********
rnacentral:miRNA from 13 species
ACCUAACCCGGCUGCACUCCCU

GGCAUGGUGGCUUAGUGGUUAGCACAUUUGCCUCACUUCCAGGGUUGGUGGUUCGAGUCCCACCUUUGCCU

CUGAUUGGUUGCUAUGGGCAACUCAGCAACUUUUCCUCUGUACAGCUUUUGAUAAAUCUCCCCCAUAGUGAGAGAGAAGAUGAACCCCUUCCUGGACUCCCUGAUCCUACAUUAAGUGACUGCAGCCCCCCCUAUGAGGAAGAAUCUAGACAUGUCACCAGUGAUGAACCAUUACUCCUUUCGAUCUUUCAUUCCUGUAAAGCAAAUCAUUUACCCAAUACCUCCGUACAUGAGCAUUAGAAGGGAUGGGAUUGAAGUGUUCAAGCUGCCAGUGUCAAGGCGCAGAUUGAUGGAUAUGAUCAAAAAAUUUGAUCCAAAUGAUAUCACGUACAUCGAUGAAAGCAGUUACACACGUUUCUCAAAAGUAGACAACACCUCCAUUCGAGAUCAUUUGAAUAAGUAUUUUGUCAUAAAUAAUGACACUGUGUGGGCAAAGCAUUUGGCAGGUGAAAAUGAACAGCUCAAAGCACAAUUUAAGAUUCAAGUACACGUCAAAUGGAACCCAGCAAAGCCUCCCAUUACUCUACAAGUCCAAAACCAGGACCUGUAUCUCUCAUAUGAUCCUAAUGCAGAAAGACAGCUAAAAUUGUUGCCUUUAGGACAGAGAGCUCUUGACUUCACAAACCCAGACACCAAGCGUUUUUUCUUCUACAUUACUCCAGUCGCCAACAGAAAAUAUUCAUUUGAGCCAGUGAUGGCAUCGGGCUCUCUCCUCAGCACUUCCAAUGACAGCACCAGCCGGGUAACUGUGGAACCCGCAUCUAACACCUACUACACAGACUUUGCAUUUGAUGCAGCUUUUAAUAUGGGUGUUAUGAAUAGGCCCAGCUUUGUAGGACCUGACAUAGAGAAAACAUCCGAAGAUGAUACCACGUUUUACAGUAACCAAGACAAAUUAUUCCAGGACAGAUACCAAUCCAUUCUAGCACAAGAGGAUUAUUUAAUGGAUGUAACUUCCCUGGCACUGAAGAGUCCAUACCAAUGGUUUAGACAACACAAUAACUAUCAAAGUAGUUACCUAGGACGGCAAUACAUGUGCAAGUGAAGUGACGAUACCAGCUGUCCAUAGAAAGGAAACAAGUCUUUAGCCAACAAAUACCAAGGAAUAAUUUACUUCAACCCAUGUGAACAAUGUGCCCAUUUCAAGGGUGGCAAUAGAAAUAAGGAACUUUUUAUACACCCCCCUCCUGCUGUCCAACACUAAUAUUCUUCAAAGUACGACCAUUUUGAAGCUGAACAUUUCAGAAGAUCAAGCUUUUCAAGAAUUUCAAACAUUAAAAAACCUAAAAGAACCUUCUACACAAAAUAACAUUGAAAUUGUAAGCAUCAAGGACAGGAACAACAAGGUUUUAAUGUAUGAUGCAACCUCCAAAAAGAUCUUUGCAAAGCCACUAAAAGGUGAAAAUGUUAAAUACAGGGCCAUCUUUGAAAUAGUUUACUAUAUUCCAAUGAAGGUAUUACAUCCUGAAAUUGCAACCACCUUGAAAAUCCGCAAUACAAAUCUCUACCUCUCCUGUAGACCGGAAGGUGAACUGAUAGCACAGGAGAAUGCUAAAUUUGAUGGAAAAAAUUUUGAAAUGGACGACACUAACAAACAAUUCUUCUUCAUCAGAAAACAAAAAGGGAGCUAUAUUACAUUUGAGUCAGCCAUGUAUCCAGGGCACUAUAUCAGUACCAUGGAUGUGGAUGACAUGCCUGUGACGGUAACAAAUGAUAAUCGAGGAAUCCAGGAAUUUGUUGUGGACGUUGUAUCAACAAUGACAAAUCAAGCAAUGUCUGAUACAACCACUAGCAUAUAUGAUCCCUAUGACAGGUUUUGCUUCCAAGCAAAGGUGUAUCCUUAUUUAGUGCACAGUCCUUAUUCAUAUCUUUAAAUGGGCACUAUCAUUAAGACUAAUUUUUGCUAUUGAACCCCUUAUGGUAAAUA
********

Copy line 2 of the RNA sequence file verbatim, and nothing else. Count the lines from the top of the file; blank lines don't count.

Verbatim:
ACCUAACCCGGCUGCACUCCCU